Press Release

NASA’s David Morrison wins 2004 Sagan Medal

By SpaceRef Editor
July 7, 2004
Filed under ,

The Division for Planetary Sciences (DPS) has awarded its 2004 Carl Sagan
Medal to Dr. David Morrison of the NASA Ames Research Center. The Sagan
Medal is awarded annually to an active researcher in the DPS for long-term
excellence in the communication of planetary science to the public. The
Sagan Medal will be presented to Morrison at DPS 2004, which will convene
November 8-12 in Louisville, Kentucky.

Morrison is Senior Scientist for the Astrobiology Institute at Ames, which
is located in Moffett Field, California. Throughout his scientific career
as an expert on solar system small bodies and as an investigator for
numerous spacecraft missions, including Mariner 10, Voyager, and Galileo,
Morrison also has enthusiastically dedicated himself to sharing the
excitement of planetary exploration with the public. For two decades,
Morrison generated a widely-praised and widely-used series of slide and
information sets, featuring the best planetary images available; he also
authored informational books for the general public on the Voyager flybys
of Jupiter and Saturn. Morrison has given hundreds of public lectures and
has appeared for many years on radio and television explaining planetary
science in everyday language. As President of the Astronomical Society of
the Pacific, Morrison devoted himself to encouraging and supporting the
educational work of the society and also chaired the ASP Long-Term Aims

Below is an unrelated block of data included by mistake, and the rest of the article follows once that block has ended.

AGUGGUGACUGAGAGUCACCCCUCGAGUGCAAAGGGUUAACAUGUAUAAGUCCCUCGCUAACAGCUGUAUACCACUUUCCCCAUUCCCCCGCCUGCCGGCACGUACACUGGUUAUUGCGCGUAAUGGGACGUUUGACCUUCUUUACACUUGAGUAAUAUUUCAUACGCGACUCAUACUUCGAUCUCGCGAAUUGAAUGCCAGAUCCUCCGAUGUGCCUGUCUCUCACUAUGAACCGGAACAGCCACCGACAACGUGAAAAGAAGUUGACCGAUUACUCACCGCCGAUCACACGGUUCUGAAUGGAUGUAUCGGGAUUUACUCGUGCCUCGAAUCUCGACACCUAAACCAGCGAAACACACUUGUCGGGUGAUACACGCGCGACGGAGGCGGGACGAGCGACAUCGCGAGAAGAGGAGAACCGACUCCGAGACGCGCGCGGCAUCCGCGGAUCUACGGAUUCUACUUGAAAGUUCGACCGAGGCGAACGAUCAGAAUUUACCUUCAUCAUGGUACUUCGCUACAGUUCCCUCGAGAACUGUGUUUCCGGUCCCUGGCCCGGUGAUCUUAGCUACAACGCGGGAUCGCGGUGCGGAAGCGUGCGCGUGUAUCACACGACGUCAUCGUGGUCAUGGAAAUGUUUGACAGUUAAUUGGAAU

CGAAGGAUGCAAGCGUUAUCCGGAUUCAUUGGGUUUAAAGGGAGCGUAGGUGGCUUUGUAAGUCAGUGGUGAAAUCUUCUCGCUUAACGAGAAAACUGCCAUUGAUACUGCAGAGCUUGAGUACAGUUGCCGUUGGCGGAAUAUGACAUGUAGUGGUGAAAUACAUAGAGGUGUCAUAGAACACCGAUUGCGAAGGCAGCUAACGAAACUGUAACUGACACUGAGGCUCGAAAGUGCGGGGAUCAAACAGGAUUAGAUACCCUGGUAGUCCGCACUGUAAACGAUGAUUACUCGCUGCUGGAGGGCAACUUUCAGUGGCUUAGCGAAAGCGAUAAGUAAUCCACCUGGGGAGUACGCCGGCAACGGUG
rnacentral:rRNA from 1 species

Committee, which set out the goals and activities for public outreach that
the organization is still following today. He is co-author of one of the
first textbooks in planetary science. Morrison and co-authors are also
successors in the continuation and revision of the original George Abell
series of astronomy textbooks, reaching students worldwide, providing for
many the basis for their only college science course. He has been
instrumental in illuminating the scientific basis for potential hazards due
to asteroid and comet impacts through refereed papers, popular articles and
books, and is responsible for NEO News (with about 800 subscribers) and for
the Impact Hazard website, His educational
impact also continues through the coordination of activities for the NASA
Astrobiology Institute, with special attention to the content of
undergraduate courses in this new interdisciplinary field.

The DPS is the largest organization of professional planetary scientists in
the world. More information on the annual DPS meeting and this year’s
prize winners, including an image of Dr. Morrison, can be found on the DPS
web site at

SpaceRef staff editor.